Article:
“I’d rather not use it at all. The color is unfortunate.” Brown’s tone was casual, as if he was speaking to an old friend. “After I saw Dean’s eyes I thought I might like color.”
Brown glanced over his shoulder to where Dean lay. Sam wanted to shoot the man just for looking at his brother.
“Ethylene glycol makes a fine bath for developing,” Brown continued. “But color just doesn’t have the punch of black and white. By the time I’d found a use for the glycol, the industry had switched to propylene. It’s just not the same.”
Sam didn’t know anything about developing, but he had taken chemistry. As far as Brown was concerned, the inferiority in propylene glycol was its lack of toxicity while it could take as little as three ounces of ethylene glycol to kill Dean. After everything, Dean wasn’t dying like this.
Sam charged forward, grabbing the bottle of antifreeze and shaking it in Brown’s face. “How much of this did you give him?”
“He’s not ready. I just gave him something to relax him, that’s all.” This man was in the middle of killing Dean, and worse, but he still sounded as at ease as he had back in the office. “That crazy brother of mine, he made some friends in the medical field. Sometimes they’re looking for extra cash. I still use the glycol for the children because they don’t mind a sweet drink, but hate needles.”
Brown reached towards the bed stand and took a small injection bottle from it. He held it out to Sam. Sam gave it a wary look before tossing aside the antifreeze and taking the offered bottle. He kept Brown in sight as he scanned the label.
It was a paralytic, not a sedative. If it was really all Brown had given Dean then Dean was still conscious, aware of everything Brown was doing, but unable to move to stop it.
“This is for use with anesthesia.” And euthanasia, but Sam could barely think that, let alone say it. Sam stuffed the bottle into his pocket to free up his hand. “You can’t give this without a ventilator. He’s suffocating!”
“I’m careful with the dosage.”
“Is that how you did it?” Sam asked.
“Did what, Agent?”
“Is that how you got Dean to...?”
He couldn’t say it and not just because Dean could probably hear him. He just couldn’t say aloud what he’d seen laid out in the photos. He just couldn’t understand.
“You think I had to drug him to get him to be with me?” Brown’s tone was indignant. “This is the first time I’ve ever given him anything, but a proper spanking. Dean’s a good boy, always has been.”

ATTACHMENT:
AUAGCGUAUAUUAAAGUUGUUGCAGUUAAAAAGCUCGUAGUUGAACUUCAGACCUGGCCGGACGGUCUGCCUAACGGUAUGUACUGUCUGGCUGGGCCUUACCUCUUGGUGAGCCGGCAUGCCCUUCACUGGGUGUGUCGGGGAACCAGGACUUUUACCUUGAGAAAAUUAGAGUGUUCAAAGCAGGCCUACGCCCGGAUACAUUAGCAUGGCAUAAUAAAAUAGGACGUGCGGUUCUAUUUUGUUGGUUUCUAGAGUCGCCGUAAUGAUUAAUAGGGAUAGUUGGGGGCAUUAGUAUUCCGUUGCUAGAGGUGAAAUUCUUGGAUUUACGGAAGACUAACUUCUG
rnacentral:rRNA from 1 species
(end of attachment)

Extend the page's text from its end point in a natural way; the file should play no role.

Sam’s chest heaved, rage drowning everything else out as Brown’s words settled over him. On the bed, Dean was starting to shift. He was trying to roll onto his side to face away from them and managed to pull his leg far enough over that Sam could see the deep red shade of the back of his thighs.
Brown had done that to Dean now when he was too drugged to defend himself and back when he’d only been a little boy. The brush that lay on the bed beside Dean was the same one from the office and the photos.
Not only was the brush the same, but so was everything else. Nearly twenty years and nothing had changed.
Sam recognized the dining room table from the photos of Dean sitting naked on Brown’s lap while they ate. He saw the kitchen Dean had made those meals in while Brown had stood beside him, violating him. It was the bed Dean had laid on, where Brown had cradled him to his bare chest while his fingers had gone places Sam couldn’t fathom.
Past the bed, was the corner Dean had stood in after Brown beat him. Sam’s mind flashed to pictures of that boy trying to hide himself under the glare of the camera’s lights while the man responsible calmly documented it all.
Sam had looked through every photo. Not because he wanted to or had any right, but because he had to know what Dean would never tell him. And because he just couldn’t believe it. He’d even nearly convinced himself that the boy in the pictures wasn’t really Dean.
The pictures weren’t cheap, faded Polaroids. They were painfully well-focused, black and white 8x10s. It hadn’t only been sarcasm when Dean had asked Brown about being a photographer and, visually, there was no mistaking the identity of the child.